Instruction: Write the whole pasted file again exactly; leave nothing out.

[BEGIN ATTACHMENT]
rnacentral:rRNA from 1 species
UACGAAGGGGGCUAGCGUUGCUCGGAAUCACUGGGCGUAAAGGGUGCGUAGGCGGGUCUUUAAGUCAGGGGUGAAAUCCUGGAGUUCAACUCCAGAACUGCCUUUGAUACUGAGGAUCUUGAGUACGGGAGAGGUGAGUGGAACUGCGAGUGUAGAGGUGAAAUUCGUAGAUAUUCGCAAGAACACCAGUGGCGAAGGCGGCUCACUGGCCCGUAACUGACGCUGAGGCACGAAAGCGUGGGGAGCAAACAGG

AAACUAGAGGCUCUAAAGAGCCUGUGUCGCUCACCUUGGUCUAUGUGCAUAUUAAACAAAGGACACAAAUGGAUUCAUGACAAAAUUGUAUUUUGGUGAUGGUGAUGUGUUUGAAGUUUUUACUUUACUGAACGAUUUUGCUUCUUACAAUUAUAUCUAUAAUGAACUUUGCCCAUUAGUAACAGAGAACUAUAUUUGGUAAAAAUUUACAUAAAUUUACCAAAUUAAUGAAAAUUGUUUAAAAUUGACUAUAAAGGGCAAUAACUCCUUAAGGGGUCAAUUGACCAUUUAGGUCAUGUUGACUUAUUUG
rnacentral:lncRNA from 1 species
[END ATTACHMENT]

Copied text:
rnacentral:rRNA from 1 species
UACGAAGGGGGCUAGCGUUGCUCGGAAUCACUGGGCGUAAAGGGUGCGUAGGCGGGUCUUUAAGUCAGGGGUGAAAUCCUGGAGUUCAACUCCAGAACUGCCUUUGAUACUGAGGAUCUUGAGUACGGGAGAGGUGAGUGGAACUGCGAGUGUAGAGGUGAAAUUCGUAGAUAUUCGCAAGAACACCAGUGGCGAAGGCGGCUCACUGGCCCGUAACUGACGCUGAGGCACGAAAGCGUGGGGAGCAAACAGG

AAACUAGAGGCUCUAAAGAGCCUGUGUCGCUCACCUUGGUCUAUGUGCAUAUUAAACAAAGGACACAAAUGGAUUCAUGACAAAAUUGUAUUUUGGUGAUGGUGAUGUGUUUGAAGUUUUUACUUUACUGAACGAUUUUGCUUCUUACAAUUAUAUCUAUAAUGAACUUUGCCCAUUAGUAACAGAGAACUAUAUUUGGUAAAAAUUUACAUAAAUUUACCAAAUUAAUGAAAAUUGUUUAAAAUUGACUAUAAAGGGCAAUAACUCCUUAAGGGGUCAAUUGACCAUUUAGGUCAUGUUGACUUAUUUG
rnacentral:lncRNA from 1 species